At the turn of the century, women assumed a curious monobosom shape, not unlike a pigeon breast. It was easy enough to achieve with bust enhancers and ruffles. But the museum had to have special mannequins constructed to accomplish the effect properly.
Beautiful lingerie and sleepwear, usually seen by few other than the wearer, gets a proper public viewing at the Fashion Institute. Queen Victoria's nightgown is not only monogrammed but numbered; the numbers permitted an orderly rotation. These quite simple items contrast with the elaborate lingerie of the early 1900s, which included corsets made of brocade, lace, ruffles, rosettes and ball fringe, giving the lingerie a festooned look.
Gallery director Marty Bronson found this exhibit very difficult to mount. "If you are showing clothing, you can hide a lot underneath. And you can achieve the shape you need with dacron and foam padding. With this show, there is no place to hide."
Charles Frederick Worth preferred his American customers to all others, even European royalty. "They queens ask the price. American women never do. They simply say: 'Give me the best, the most beautiful, the most fashionable gown,' " Worth once said.
Those fabulous gowns Worth made for his American clients make up a dazzling costume show at the Museum of the City of New York called "The House of Worth: The Gilded Age in New York." It is an extraordinary view of French fabric at its best, as well as exceptional workmanship. Design students and women and men who like to sew will have a feast studying the construction and draping of the clothes.
The show opens in an 1860 room setting, appropriate in this Fifth Avenue museum that looks like one of the grand houses of the era when "ostentatious display of wealth was seen as the mantle of respectability rather than embarrassing over-indulgence," writes Joanne Olian, curator of the collection, in the museum's magazine. It includes 50 gowns from the museum's own collection. They are in immaculate condition, a compliment to the designer, the wearers and particularly the restorers. Women who bought Worth gowns paid up to $10,000, a fabulous sum in those days, and some gowns were rarely worn twice, particularly during the time of Napoleon III and Empress Euge'nie, when an imperial decree ordered that dresses should be worn to the court only once.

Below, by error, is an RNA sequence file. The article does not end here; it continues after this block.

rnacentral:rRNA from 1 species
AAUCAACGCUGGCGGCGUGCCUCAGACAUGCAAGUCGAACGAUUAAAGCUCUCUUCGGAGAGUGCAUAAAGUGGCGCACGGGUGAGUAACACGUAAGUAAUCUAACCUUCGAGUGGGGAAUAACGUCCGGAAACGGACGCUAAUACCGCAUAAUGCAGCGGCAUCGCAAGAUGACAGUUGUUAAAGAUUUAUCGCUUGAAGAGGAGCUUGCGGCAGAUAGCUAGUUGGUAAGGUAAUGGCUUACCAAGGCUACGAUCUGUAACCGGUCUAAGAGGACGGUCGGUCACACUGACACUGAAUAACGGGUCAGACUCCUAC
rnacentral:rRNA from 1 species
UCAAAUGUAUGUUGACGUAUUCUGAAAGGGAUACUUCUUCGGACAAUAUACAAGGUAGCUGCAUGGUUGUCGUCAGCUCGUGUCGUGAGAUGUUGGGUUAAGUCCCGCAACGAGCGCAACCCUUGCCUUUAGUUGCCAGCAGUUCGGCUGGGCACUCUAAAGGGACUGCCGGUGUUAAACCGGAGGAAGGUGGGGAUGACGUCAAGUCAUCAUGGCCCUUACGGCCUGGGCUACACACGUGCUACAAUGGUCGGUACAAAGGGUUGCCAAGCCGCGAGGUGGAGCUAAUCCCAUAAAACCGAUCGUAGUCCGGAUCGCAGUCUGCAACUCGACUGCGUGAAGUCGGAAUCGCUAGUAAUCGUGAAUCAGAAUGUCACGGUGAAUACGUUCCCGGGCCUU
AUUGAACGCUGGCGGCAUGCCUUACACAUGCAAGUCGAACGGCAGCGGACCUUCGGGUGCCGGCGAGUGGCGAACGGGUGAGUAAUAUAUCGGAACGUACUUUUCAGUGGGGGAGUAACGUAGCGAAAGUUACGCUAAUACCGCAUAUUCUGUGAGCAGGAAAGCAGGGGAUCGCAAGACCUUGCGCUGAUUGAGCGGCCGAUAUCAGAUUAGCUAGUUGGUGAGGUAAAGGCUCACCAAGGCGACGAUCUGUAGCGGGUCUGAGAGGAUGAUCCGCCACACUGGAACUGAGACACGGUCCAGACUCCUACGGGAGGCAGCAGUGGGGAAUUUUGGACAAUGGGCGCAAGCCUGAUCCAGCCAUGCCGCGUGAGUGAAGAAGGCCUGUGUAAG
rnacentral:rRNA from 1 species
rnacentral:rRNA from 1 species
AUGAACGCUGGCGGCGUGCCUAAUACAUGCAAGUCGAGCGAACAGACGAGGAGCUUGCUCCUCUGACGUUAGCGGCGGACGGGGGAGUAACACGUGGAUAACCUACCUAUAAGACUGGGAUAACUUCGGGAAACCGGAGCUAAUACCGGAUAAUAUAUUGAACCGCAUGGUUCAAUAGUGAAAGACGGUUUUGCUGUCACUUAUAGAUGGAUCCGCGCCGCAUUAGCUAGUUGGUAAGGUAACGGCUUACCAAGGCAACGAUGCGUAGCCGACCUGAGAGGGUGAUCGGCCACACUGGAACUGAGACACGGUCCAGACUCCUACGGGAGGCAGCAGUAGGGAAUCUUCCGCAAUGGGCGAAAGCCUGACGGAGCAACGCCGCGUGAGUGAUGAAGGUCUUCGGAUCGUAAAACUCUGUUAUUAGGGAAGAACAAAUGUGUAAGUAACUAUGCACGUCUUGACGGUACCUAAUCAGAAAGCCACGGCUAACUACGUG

Worth, who was born in England, moved to Paris in 1845, selling fabric first, a far more respectable position than being a dressmaker. Eventually, his designs for Empress Euge'nie heightened his influence and expanded his business so that, at one time, he had as many as 1,200 seamstresses working in his house at 7 rue de la Paix. Henry James and Edith Wharton often dressed their subjects in Worth designs.
The Worth show documents well how Worth changed the shape of women in the Gilded Age, the period between the Civil War and World War I. He is credited with inventing the crinoline (and causing its demise). And some say he created the bustle. Whatever he designed, his followers were madly faithful to his dictates.
The show ends on a depressing note, with Worth's design for the YWCA overseas uniform in 1918. But for those who want a lasting impression of the clothes and their extravagant prices, the gift shop at the museum offers dolls dressed a la Worth for $1,400 to $2,000 each.